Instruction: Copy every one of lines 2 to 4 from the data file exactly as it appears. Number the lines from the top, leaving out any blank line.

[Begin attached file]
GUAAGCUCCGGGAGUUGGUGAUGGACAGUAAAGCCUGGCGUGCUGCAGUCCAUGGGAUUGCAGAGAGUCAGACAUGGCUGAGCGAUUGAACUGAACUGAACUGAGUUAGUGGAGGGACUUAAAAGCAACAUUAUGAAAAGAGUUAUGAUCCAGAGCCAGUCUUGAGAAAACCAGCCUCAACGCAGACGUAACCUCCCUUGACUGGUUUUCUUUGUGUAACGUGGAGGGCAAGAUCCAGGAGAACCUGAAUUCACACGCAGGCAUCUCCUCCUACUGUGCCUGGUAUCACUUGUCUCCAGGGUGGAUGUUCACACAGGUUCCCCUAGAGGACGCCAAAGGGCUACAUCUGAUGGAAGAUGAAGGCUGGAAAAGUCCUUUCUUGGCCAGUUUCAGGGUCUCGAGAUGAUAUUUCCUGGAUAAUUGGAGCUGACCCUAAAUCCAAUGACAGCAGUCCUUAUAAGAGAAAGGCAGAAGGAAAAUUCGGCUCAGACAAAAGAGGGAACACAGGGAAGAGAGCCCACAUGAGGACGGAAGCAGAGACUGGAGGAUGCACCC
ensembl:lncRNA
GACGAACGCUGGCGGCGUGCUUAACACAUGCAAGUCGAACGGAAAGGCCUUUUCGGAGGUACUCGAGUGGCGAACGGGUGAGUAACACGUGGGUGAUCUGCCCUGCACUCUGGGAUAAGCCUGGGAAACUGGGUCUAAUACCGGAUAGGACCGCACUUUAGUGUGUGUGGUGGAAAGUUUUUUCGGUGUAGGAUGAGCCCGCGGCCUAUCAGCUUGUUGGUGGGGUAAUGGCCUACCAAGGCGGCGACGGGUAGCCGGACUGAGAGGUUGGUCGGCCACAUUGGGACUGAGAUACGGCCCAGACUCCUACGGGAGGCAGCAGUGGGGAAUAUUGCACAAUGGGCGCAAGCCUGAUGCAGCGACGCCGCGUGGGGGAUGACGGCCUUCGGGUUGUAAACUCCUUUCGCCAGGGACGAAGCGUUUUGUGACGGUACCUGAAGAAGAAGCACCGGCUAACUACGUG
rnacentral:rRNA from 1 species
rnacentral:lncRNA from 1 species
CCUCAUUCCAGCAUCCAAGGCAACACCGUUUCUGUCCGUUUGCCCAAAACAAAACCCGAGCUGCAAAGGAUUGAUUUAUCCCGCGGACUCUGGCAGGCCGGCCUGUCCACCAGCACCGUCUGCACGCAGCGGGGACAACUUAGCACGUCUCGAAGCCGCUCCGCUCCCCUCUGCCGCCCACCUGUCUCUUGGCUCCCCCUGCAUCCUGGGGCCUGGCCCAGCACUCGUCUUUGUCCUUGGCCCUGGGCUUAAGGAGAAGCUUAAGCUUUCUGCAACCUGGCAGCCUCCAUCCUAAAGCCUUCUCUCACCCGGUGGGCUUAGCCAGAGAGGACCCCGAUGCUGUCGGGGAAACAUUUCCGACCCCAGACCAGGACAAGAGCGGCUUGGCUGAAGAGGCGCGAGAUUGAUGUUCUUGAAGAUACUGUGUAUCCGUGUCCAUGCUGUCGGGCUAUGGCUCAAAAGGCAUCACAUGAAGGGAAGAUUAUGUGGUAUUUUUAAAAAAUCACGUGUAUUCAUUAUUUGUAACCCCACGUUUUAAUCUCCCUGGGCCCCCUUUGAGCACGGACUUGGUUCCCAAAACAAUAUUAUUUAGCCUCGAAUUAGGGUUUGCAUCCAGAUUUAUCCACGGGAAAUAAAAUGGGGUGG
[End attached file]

ensembl:lncRNA
GACGAACGCUGGCGGCGUGCUUAACACAUGCAAGUCGAACGGAAAGGCCUUUUCGGAGGUACUCGAGUGGCGAACGGGUGAGUAACACGUGGGUGAUCUGCCCUGCACUCUGGGAUAAGCCUGGGAAACUGGGUCUAAUACCGGAUAGGACCGCACUUUAGUGUGUGUGGUGGAAAGUUUUUUCGGUGUAGGAUGAGCCCGCGGCCUAUCAGCUUGUUGGUGGGGUAAUGGCCUACCAAGGCGGCGACGGGUAGCCGGACUGAGAGGUUGGUCGGCCACAUUGGGACUGAGAUACGGCCCAGACUCCUACGGGAGGCAGCAGUGGGGAAUAUUGCACAAUGGGCGCAAGCCUGAUGCAGCGACGCCGCGUGGGGGAUGACGGCCUUCGGGUUGUAAACUCCUUUCGCCAGGGACGAAGCGUUUUGUGACGGUACCUGAAGAAGAAGCACCGGCUAACUACGUG
rnacentral:rRNA from 1 species